"It was only last week that our Portugese Water Dog received a letter from Gidget, detailing her plight. She was losing her hearing, her eyesight, her desire for enchiladas and Tostitos with salsa. Her health was in decline. She had to make difficult choices, whether to put dog food in her bowl or buy medicine; go for medical treatments she could not afford, or head over to the Staples Center for the AKC Best in Show.

"Ya know, if we had universal health care, Gidget might still be with us today."

Yes, it has been one tough summer. Ed McMahon. Farrah Fawcet. Michael Jackson. Billy Mays. Walter Cronkite. That 113 year old guy. And now, Gidget.

After memorial services, to be held next week at the Santa Monica dog run, Gidget's body will be flown to Long Island, for final burial on the grounds of the Norman Levy Preserve.

"We absolutely want to give Gidget a first class send off," said Town of Hempstead Supervisor Kate Murray. Besides, she'll make great fertilizer for those Nigerian goats to graze on."

And that's the way it is, Thursday, July 23, 2009.

Friday, July 17, 2009

Who's Looking Out For You, Revisited

Back To Basics At The Community Alliance

When The Community Alliance was first launched, what seems like light years ago, on the collective community plate were issues ranging from the proliferation of illegal accessory apartments to the lack of affordable housing, escalating property taxes to local government run amuck.

Well, well. It would seem that our plate remains full, many, if not most of our primal concerns here in suburbia unresolved.

Illegal rental apartments in the basements of single family homes continue to plague us, posing a threat to the life of the renter and to the stability of our tax base.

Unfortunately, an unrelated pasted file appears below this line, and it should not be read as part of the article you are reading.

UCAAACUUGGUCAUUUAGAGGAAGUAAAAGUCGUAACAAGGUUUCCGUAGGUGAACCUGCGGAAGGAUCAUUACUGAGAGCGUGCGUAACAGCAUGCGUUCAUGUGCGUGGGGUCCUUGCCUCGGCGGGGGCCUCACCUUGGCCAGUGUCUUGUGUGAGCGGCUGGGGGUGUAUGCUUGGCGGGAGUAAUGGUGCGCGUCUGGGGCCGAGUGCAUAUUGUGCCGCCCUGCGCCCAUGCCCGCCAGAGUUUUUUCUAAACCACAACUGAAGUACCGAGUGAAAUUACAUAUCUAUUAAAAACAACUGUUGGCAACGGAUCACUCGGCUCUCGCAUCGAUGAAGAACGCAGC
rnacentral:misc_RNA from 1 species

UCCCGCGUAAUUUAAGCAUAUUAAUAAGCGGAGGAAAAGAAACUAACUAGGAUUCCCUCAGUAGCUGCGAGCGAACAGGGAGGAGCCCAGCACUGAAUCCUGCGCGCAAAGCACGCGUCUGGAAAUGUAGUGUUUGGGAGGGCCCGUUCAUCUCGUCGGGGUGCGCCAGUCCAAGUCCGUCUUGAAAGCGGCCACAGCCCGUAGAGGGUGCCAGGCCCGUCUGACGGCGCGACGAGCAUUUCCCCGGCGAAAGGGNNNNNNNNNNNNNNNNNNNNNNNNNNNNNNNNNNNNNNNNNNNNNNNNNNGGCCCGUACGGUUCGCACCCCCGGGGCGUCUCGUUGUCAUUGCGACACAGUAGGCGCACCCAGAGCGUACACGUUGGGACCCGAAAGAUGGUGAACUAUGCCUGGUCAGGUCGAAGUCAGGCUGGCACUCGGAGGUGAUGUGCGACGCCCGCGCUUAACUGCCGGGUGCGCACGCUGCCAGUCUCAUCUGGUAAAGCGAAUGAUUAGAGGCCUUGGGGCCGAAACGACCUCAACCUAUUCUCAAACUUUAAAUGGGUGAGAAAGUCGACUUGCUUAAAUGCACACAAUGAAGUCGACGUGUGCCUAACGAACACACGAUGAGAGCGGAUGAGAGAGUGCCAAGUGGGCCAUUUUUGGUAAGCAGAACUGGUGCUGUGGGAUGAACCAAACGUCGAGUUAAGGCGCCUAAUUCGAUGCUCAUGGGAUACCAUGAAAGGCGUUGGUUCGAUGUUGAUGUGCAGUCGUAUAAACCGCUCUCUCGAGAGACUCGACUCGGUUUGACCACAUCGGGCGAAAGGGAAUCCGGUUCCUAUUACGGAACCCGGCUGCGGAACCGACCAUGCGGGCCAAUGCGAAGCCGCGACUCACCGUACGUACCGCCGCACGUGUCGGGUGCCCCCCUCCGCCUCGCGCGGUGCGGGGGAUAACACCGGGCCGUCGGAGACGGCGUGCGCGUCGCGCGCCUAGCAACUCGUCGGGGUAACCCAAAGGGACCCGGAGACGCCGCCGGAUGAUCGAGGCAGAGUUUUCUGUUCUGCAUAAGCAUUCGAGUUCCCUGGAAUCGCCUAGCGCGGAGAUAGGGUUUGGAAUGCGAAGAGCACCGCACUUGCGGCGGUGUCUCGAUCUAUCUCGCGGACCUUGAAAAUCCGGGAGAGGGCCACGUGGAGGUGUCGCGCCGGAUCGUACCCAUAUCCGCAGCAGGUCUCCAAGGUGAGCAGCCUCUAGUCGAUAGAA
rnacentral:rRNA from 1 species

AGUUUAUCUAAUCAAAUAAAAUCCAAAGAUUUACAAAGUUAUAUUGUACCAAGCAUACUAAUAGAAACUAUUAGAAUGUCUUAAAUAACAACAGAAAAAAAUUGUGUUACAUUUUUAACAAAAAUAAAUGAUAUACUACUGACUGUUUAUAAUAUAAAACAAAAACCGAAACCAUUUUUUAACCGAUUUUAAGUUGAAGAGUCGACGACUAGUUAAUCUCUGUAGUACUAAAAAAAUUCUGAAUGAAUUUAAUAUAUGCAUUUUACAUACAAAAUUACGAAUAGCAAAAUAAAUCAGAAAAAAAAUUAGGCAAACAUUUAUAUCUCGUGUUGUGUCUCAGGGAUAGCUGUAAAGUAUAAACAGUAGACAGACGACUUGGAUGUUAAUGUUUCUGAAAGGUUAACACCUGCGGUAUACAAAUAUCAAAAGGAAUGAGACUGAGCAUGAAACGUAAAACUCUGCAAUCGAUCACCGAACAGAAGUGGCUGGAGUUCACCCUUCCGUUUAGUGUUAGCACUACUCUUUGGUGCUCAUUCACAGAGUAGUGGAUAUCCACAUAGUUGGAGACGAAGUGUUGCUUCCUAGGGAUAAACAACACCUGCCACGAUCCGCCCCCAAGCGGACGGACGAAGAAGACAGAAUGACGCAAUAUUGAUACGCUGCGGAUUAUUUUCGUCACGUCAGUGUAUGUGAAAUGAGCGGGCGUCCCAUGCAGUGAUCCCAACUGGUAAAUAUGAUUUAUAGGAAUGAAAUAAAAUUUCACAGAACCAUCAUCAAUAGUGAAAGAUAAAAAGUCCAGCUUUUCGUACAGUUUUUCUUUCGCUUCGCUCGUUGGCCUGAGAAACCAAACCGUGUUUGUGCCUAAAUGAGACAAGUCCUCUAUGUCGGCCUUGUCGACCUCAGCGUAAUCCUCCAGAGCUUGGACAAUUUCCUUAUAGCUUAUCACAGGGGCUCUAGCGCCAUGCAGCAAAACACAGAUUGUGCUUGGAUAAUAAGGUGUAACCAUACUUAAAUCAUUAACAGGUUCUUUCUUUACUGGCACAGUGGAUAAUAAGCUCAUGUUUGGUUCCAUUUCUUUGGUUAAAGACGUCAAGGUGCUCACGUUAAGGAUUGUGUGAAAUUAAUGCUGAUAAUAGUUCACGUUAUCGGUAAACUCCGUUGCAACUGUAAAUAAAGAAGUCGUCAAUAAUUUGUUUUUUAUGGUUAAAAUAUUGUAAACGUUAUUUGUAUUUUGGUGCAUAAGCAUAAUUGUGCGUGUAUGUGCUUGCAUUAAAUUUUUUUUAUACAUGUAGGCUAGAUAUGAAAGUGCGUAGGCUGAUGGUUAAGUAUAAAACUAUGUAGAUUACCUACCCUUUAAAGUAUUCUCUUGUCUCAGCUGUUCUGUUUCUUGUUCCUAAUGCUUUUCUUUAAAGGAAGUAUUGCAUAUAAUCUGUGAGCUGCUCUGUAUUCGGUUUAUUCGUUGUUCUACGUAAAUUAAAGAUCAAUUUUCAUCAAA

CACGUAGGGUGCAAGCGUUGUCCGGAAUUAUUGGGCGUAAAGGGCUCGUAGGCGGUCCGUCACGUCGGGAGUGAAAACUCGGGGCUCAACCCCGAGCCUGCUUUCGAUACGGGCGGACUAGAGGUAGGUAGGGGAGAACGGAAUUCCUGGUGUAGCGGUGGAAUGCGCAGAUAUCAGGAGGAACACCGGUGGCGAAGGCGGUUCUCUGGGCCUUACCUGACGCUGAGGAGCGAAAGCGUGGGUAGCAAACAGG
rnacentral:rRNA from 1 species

Affordable housing (the lack of which, in great measure, feeds the illegal accessory apartment crisis), is virtually nonexistent on Long Island, forcing college grads and our young workforce to seek more hospitable -- or at least less costly -- habitats elsewhere.

Property taxes, fueled by the many special taxing districts masquerading as local governments, are strangling homeowners, breaking the bank, forcing folks out of their homes, unchecked, uncapped, and going nowhere but up.

As for the dysfunction of local government, from Albany to Town Hall, well, need we say more than has already been posted on this blog.

So, if the many and varied negatives that impact upon our quality of life here in suburbia have yet to improve or abate, why bother?

Does the dialogue, that constant banter on what's wrong and what could be better, really matter?

Does keeping the issues, grand and small, front and center, serve a fruitful purpose?

Can change, evolutionary if not revolutionary, come by means of an ongoing wave of words, wearing away established mindsets and entrenched mores, as cascading waters wear away huge boulders?

Are we, in this seemingly endless quest to improve the quality of life in this suburban community we call home, making a difference, simply by advancing ideas and ideals, coaxing you, along the way, to get involved, make a stand, and take action?

The answers to all these queries, we believe, quite verily, is a resounding YES!

It would be easy to throw up our hands, toss in the towel, and simply walk away, resigning ourselves to accept a community of lowered expectations and passionless mediocrity. To accept what is, and what has been for far too long, rather than to strive for what could be.

Then again, no one said life would be easy.

Quality of life, whether here in suburbia or in the context of urbanity next door, requires of us a certain vigilance, a defiant voice that will neither be stifled nor silenced, a commitment to the future of community which we hold so dearly in trust, and the courage and fortitude to persevere, despite what appears to be the glacial movement from where were stand to where we want to go.

Perhaps, every once in a while, we need to remind ourselves of the basics.

Cover those garbage cans before placing them at the curb. Remove your cars from the street for street cleaning and snow removal. Keep sidewalks and common areas clean and clear. Be kind to thy neighbor (even if you don't necessarily love him ;-).

And then, having taken those small steps, we can begin to tackle the bigger issues -- illegal accessory apartments, affordable housing, property taxes, dysfunctional government, to name but a few (next week, global warming, nuclear proliferation, health care, and the economy, stupid) -- together, as a united community in solidarity for the betterment of Long Island.